Wow! I love reading true stories of transformation. You are an inspiration to anyone who needs to develop new habits. Good for you! Keep up the good work. 🙂 (Btw, I’d never heard of Heft on Wheels, but it sounds like a good read.)

  3. TuiSnider says:

    p.s. In case you’re wondering how I got here, I popped by from #Mondayblogs on Twitter. Nice to meet you. 🙂

    • Joe Johnson says:

      Nice to meet you too, and I love that you found me from #mondayblogs. It has really been a great blog meme to fall into and there is a ton of great writers and content to see every week!

  4. Tara says:

    Love this weeks blog and can totally relate. It’s a lifetime struggle for some but you are doing great and so inspiring! Keep it up :). And lots of love and hugs!!!

  5. You da man, Joe. Keep it up! It’s such a brave and lovely thing you are doing for yourself and those you love – who love you too.

    Little formatting thing. I probably overdue it on headers and readability on my blog, but this entry could benefit greatly from some boldfacing of first lines to set off the “lessons.” The idea is to create something like an outline that gives people an idea of the content of the post. Sometimes that means they just skim, but other times it alerts them to the depth of content, and gives them a roadmap.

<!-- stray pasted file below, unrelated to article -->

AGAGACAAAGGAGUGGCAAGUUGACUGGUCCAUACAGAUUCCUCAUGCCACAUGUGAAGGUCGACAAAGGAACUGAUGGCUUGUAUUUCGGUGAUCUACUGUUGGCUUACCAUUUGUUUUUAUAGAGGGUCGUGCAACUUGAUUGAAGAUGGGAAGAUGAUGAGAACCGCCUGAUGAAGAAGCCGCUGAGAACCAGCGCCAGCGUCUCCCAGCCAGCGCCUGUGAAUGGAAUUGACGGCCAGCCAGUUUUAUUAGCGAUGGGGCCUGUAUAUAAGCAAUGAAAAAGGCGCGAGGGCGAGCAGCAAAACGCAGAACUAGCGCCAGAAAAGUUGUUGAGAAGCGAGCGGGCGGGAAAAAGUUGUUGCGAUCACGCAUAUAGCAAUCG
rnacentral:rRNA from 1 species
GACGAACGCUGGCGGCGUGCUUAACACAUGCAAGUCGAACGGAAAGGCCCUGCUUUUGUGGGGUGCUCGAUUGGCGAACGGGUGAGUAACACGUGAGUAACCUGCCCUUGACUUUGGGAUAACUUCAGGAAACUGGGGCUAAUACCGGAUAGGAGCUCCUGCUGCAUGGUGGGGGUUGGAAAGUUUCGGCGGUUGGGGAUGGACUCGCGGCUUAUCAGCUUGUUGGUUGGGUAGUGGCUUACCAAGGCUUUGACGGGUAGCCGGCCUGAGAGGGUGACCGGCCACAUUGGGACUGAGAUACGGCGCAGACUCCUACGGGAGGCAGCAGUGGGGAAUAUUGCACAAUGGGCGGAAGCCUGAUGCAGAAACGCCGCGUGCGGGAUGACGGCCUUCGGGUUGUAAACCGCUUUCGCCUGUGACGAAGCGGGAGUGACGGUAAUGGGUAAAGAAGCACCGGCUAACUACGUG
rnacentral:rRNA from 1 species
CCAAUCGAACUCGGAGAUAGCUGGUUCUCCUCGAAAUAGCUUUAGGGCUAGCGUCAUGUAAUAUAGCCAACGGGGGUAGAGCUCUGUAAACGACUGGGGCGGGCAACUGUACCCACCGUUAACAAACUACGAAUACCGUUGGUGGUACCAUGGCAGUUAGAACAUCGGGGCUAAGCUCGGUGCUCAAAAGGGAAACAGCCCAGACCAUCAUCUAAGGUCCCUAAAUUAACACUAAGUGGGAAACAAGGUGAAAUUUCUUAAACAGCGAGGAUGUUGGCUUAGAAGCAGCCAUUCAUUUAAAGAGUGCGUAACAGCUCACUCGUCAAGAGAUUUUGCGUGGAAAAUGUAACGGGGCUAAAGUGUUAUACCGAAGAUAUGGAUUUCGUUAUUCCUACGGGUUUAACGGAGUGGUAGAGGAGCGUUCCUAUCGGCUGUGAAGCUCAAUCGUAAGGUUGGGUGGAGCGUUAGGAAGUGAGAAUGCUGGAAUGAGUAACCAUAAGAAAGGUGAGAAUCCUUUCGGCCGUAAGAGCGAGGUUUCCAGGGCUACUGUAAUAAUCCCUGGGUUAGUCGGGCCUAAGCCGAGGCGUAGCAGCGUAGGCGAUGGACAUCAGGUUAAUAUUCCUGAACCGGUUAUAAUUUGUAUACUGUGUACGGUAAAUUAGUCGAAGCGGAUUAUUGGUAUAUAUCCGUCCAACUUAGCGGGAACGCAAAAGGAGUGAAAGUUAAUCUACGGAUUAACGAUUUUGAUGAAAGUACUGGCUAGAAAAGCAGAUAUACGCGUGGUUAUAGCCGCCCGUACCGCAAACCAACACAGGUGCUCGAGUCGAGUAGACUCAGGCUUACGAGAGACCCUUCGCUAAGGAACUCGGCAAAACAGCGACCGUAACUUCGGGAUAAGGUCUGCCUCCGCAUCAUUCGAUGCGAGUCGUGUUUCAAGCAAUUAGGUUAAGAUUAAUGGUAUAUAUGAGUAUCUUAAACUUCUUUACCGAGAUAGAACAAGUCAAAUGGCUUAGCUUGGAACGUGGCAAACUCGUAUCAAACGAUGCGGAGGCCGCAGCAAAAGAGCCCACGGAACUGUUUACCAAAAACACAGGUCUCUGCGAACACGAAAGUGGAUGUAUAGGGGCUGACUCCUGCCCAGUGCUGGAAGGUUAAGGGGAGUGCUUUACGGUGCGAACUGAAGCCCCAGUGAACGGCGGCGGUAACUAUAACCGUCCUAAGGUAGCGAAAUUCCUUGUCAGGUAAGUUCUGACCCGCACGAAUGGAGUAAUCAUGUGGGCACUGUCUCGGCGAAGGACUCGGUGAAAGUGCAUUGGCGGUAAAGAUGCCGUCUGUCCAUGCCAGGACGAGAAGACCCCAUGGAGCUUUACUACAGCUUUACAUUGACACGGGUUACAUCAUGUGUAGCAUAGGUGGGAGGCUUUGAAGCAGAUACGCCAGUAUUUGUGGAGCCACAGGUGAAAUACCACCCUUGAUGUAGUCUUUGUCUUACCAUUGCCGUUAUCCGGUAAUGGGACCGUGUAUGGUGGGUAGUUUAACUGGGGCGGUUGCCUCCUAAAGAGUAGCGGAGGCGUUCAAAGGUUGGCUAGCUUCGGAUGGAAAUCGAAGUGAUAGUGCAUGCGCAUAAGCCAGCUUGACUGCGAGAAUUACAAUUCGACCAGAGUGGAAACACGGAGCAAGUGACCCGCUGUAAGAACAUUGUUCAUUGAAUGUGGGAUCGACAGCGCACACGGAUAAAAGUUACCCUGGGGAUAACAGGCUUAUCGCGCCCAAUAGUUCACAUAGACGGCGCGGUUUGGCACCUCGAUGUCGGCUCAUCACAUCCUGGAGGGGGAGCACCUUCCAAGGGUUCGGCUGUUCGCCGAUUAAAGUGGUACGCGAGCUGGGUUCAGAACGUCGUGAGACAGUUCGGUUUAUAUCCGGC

6. julia says:

    In response to your inquiry on tips: I recently told a female friend of mine, who used to work out but stopped and is now looking to get fit again: Be Patient With Yourself. This comes from my own experience. When I first started working out, I had no real idea what I was doing or — as you referenced — what would actually work for me. I was about 28, and had never really done much exercise deliberately or willingly. Less than a year later, I was pregnant and wondering how far the body changes would set me back. (A lot, of course.) More time passes, I have a beautiful baby girl, and the doctor says, Ok, it’s been X weeks (I think it was six), you can begin to exercise again. Well, it took at least a year for me to begin to feel comfortable in my own skin again, and even more time after that to reach a skill level that was further beneficial. Now, after more than 4 years of exercising seriously, I am finally beginning to see more of the results I thought I would either get sooner or not at all. Sticking to it paid off, as it has become something that my body asks for, something that I think about everyday until I go and do it. Even so, I continue to remind myself how essential patience is to the entire process…as well as what you put into your body. But that’s an entire other response. Lovely work, Joe. Thank you for writing about it, as I know parts of it were not easy. I think this would inspire pretty much anyone that happens to read it.